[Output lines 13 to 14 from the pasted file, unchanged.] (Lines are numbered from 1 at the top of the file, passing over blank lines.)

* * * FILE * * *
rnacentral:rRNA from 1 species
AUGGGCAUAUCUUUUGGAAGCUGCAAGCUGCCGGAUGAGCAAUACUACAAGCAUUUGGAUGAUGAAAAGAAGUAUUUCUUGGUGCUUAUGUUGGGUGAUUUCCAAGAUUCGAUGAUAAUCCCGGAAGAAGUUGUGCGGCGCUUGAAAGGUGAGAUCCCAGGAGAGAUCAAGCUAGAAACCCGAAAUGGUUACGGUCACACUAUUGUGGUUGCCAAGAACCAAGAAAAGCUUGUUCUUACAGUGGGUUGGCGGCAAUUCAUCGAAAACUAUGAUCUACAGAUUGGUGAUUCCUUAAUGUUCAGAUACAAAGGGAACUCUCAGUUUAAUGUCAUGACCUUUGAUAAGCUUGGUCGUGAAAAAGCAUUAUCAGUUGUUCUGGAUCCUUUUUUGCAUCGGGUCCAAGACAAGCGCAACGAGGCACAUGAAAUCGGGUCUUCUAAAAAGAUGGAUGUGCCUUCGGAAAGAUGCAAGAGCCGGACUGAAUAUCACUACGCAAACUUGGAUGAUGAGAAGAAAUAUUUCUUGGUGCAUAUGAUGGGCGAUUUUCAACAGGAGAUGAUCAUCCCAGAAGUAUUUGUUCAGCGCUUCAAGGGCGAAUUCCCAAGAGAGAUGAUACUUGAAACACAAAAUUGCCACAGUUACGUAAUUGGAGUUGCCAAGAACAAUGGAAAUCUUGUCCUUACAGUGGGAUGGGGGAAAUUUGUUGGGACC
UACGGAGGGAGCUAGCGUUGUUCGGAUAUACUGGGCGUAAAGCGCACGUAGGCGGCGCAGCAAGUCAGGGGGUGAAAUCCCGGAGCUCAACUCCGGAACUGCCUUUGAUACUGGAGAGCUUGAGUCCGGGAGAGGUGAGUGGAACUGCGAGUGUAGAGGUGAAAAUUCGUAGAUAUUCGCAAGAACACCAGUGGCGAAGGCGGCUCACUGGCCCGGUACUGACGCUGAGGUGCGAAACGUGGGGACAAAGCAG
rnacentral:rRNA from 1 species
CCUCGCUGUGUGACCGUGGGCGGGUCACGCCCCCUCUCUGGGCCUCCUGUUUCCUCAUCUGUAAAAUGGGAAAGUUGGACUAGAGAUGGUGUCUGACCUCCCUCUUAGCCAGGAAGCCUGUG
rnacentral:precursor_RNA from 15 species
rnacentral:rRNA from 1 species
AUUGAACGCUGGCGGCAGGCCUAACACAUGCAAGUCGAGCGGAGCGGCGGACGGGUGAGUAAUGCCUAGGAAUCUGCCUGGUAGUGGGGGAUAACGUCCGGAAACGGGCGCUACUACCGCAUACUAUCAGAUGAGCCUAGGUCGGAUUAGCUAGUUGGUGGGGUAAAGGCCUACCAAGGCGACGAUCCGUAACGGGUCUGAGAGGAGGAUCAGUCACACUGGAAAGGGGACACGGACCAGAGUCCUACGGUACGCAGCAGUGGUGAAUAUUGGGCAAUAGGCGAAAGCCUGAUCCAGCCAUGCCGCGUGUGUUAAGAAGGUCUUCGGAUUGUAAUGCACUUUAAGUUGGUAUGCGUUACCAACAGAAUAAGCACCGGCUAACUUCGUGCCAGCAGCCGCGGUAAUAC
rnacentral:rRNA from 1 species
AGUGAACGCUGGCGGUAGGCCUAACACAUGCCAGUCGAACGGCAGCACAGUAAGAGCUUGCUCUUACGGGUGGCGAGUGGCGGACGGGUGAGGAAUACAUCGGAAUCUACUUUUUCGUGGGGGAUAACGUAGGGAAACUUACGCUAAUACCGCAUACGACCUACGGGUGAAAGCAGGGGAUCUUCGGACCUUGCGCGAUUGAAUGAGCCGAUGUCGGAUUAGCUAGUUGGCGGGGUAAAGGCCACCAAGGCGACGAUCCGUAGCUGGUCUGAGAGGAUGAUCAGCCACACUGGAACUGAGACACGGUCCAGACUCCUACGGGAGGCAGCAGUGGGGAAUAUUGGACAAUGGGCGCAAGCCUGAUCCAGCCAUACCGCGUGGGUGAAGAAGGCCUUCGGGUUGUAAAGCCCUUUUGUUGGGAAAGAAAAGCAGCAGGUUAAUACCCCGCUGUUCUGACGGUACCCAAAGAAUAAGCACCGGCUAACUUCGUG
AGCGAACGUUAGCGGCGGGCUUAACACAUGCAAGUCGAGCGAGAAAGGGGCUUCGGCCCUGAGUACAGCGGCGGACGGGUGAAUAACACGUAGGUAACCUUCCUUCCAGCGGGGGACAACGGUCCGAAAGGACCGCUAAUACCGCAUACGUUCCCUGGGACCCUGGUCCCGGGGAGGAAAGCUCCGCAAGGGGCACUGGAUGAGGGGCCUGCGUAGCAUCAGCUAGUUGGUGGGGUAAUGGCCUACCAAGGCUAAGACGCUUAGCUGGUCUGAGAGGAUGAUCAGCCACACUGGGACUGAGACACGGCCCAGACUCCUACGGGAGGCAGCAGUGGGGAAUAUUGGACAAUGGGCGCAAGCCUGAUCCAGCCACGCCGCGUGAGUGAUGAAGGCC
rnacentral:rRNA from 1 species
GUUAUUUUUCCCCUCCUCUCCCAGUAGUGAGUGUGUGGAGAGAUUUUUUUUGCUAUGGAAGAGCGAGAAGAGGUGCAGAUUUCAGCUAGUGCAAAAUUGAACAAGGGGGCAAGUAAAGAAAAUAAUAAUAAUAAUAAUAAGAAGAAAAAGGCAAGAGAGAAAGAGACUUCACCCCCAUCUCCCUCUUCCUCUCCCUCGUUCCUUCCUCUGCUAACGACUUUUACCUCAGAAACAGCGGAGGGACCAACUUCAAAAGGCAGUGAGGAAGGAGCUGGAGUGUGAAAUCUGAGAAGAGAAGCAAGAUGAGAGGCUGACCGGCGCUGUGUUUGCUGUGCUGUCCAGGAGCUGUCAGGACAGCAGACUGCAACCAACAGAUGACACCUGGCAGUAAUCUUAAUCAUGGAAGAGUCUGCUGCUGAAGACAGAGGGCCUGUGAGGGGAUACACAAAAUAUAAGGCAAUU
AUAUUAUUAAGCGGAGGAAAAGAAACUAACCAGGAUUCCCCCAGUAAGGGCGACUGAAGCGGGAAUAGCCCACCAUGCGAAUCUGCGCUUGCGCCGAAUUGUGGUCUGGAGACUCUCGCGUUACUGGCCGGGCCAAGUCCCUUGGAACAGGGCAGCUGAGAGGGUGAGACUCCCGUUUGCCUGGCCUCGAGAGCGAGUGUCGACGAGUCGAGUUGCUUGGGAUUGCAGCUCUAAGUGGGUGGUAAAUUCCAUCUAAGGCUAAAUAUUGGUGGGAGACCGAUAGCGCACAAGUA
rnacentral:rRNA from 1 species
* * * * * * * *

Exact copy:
GUUAUUUUUCCCCUCCUCUCCCAGUAGUGAGUGUGUGGAGAGAUUUUUUUUGCUAUGGAAGAGCGAGAAGAGGUGCAGAUUUCAGCUAGUGCAAAAUUGAACAAGGGGGCAAGUAAAGAAAAUAAUAAUAAUAAUAAUAAGAAGAAAAAGGCAAGAGAGAAAGAGACUUCACCCCCAUCUCCCUCUUCCUCUCCCUCGUUCCUUCCUCUGCUAACGACUUUUACCUCAGAAACAGCGGAGGGACCAACUUCAAAAGGCAGUGAGGAAGGAGCUGGAGUGUGAAAUCUGAGAAGAGAAGCAAGAUGAGAGGCUGACCGGCGCUGUGUUUGCUGUGCUGUCCAGGAGCUGUCAGGACAGCAGACUGCAACCAACAGAUGACACCUGGCAGUAAUCUUAAUCAUGGAAGAGUCUGCUGCUGAAGACAGAGGGCCUGUGAGGGGAUACACAAAAUAUAAGGCAAUU
AUAUUAUUAAGCGGAGGAAAAGAAACUAACCAGGAUUCCCCCAGUAAGGGCGACUGAAGCGGGAAUAGCCCACCAUGCGAAUCUGCGCUUGCGCCGAAUUGUGGUCUGGAGACUCUCGCGUUACUGGCCGGGCCAAGUCCCUUGGAACAGGGCAGCUGAGAGGGUGAGACUCCCGUUUGCCUGGCCUCGAGAGCGAGUGUCGACGAGUCGAGUUGCUUGGGAUUGCAGCUCUAAGUGGGUGGUAAAUUCCAUCUAAGGCUAAAUAUUGGUGGGAGACCGAUAGCGCACAAGUA